Defensive play - Under front

"In American football, a 4–3 defense is a defensive alignment consisting of four down linemen and three linebackers. It is probably the most commonly used defense in modern American football and especially in the National Football League. ... In the original version of the 4–3, the tackles lined up over the offensive guards and the ends lined up on the outside shoulder of the offensive tackles, with the middle linebacker over the center and the other linebackers outside the ends. In the mid-1960s Hank Stram developed a popular variation, the "Kansas City Stack", which shifted the strong side defensive end over the tight end, stacked the strongside linebacker over the tackle, and shifted the weakside tackle over center. At about the same time the Cleveland Browns frequently used a weakside shift. The Dallas Cowboys coach Tom Landry developed a "flex" variation, in order to take advantage of the quickness of his Hall of Fame tackle, Bob Lilly. In Tom Landry's original 4–3 defenses (4-3 Inside and 4-3 Outside), both defensive tackle were flexed. In the "flex", on a pro set right, with defensive keys showing a run to the right, the right defensive tackle would be flush on the line and was supposed to penetrate. The right defensive end and left defensive tackle were flexed two feet off the line of scrimmage, the right defensive end now head on with the left offensive tackle (i.e. a 4-2-2-5 front instead of the more common 5-2-2-5 front). This gave the defense a "zig zag" look unlike any other of its day. More modern versions of the 4-3 include the Tampa 2 scheme and the 4-3 slide." [4–3 defense. Wikipedia] The American football positions diagram example "Defensive play - Under front" was created using the ConceptDraw PRO diagramming and vector drawing software extended with the Football solution from the Sport area of ConceptDraw Solution Park.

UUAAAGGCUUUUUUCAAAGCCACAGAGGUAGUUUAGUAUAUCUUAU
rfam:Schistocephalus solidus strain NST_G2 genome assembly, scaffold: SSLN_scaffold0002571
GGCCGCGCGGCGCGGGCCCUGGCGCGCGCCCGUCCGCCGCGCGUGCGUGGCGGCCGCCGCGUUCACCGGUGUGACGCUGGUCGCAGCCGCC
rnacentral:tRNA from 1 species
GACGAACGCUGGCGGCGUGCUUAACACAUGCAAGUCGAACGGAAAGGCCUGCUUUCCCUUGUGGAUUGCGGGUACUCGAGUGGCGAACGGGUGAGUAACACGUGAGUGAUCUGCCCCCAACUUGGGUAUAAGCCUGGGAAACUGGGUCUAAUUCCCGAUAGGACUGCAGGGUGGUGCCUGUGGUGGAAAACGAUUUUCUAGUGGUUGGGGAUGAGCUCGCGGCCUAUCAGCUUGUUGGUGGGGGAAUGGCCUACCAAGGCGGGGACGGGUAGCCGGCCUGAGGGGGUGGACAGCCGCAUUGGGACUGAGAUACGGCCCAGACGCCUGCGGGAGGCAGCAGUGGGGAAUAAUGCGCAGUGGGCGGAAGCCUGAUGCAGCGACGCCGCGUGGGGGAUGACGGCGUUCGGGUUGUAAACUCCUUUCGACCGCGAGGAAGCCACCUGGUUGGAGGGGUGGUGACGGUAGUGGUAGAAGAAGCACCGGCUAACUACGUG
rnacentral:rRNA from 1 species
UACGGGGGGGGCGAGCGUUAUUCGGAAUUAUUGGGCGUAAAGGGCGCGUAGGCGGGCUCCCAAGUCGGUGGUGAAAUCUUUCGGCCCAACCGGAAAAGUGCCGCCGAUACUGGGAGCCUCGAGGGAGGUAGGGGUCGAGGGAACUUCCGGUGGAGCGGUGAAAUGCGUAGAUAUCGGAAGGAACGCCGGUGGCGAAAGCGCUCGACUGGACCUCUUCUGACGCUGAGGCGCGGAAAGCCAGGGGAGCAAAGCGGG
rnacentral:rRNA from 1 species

American football positions diagram
American football positions diagram, safety, S, linebackers, LB, defensive tackle, DT, cornerback, CB,